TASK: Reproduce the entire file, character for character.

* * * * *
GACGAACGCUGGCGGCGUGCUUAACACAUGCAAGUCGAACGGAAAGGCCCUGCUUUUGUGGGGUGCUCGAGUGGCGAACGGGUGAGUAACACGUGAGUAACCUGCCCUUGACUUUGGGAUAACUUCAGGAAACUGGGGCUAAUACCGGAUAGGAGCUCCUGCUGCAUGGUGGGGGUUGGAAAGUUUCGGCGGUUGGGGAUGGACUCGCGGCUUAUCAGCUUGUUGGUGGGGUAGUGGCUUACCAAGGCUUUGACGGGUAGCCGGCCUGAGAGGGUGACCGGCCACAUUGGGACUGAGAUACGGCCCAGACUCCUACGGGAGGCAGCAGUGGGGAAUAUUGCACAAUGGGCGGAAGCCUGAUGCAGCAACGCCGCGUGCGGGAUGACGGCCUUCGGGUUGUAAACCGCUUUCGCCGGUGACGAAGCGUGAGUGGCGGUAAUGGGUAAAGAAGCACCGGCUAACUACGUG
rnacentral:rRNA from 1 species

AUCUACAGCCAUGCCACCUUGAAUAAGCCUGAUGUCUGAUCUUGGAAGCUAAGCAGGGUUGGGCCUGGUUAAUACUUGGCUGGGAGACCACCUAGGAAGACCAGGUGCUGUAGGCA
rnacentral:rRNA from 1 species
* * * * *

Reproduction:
GACGAACGCUGGCGGCGUGCUUAACACAUGCAAGUCGAACGGAAAGGCCCUGCUUUUGUGGGGUGCUCGAGUGGCGAACGGGUGAGUAACACGUGAGUAACCUGCCCUUGACUUUGGGAUAACUUCAGGAAACUGGGGCUAAUACCGGAUAGGAGCUCCUGCUGCAUGGUGGGGGUUGGAAAGUUUCGGCGGUUGGGGAUGGACUCGCGGCUUAUCAGCUUGUUGGUGGGGUAGUGGCUUACCAAGGCUUUGACGGGUAGCCGGCCUGAGAGGGUGACCGGCCACAUUGGGACUGAGAUACGGCCCAGACUCCUACGGGAGGCAGCAGUGGGGAAUAUUGCACAAUGGGCGGAAGCCUGAUGCAGCAACGCCGCGUGCGGGAUGACGGCCUUCGGGUUGUAAACCGCUUUCGCCGGUGACGAAGCGUGAGUGGCGGUAAUGGGUAAAGAAGCACCGGCUAACUACGUG
rnacentral:rRNA from 1 species

AUCUACAGCCAUGCCACCUUGAAUAAGCCUGAUGUCUGAUCUUGGAAGCUAAGCAGGGUUGGGCCUGGUUAAUACUUGGCUGGGAGACCACCUAGGAAGACCAGGUGCUGUAGGCA
rnacentral:rRNA from 1 species